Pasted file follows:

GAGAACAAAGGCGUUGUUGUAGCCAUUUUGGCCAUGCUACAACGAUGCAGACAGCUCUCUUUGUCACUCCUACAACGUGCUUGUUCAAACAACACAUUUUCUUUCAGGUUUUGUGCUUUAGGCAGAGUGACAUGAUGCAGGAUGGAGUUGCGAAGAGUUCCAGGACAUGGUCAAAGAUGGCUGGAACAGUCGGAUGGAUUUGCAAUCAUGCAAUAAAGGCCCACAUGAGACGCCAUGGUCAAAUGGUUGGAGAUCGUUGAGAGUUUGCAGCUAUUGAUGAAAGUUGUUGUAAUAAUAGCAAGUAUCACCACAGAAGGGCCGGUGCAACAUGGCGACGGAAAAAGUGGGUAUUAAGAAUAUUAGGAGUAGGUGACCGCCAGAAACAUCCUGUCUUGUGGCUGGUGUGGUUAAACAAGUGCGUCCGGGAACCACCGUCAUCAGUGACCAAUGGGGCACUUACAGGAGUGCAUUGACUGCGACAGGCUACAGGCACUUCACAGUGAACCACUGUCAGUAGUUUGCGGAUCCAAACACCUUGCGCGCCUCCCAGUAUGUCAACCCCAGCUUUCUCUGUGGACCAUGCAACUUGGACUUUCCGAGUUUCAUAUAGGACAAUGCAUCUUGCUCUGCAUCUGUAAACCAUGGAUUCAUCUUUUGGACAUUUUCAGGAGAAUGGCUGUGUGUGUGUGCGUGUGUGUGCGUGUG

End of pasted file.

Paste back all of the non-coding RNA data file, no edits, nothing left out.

GAGAACAAAGGCGUUGUUGUAGCCAUUUUGGCCAUGCUACAACGAUGCAGACAGCUCUCUUUGUCACUCCUACAACGUGCUUGUUCAAACAACACAUUUUCUUUCAGGUUUUGUGCUUUAGGCAGAGUGACAUGAUGCAGGAUGGAGUUGCGAAGAGUUCCAGGACAUGGUCAAAGAUGGCUGGAACAGUCGGAUGGAUUUGCAAUCAUGCAAUAAAGGCCCACAUGAGACGCCAUGGUCAAAUGGUUGGAGAUCGUUGAGAGUUUGCAGCUAUUGAUGAAAGUUGUUGUAAUAAUAGCAAGUAUCACCACAGAAGGGCCGGUGCAACAUGGCGACGGAAAAAGUGGGUAUUAAGAAUAUUAGGAGUAGGUGACCGCCAGAAACAUCCUGUCUUGUGGCUGGUGUGGUUAAACAAGUGCGUCCGGGAACCACCGUCAUCAGUGACCAAUGGGGCACUUACAGGAGUGCAUUGACUGCGACAGGCUACAGGCACUUCACAGUGAACCACUGUCAGUAGUUUGCGGAUCCAAACACCUUGCGCGCCUCCCAGUAUGUCAACCCCAGCUUUCUCUGUGGACCAUGCAACUUGGACUUUCCGAGUUUCAUAUAGGACAAUGCAUCUUGCUCUGCAUCUGUAAACCAUGGAUUCAUCUUUUGGACAUUUUCAGGAGAAUGGCUGUGUGUGUGUGCGUGUGUGUGCGUGUG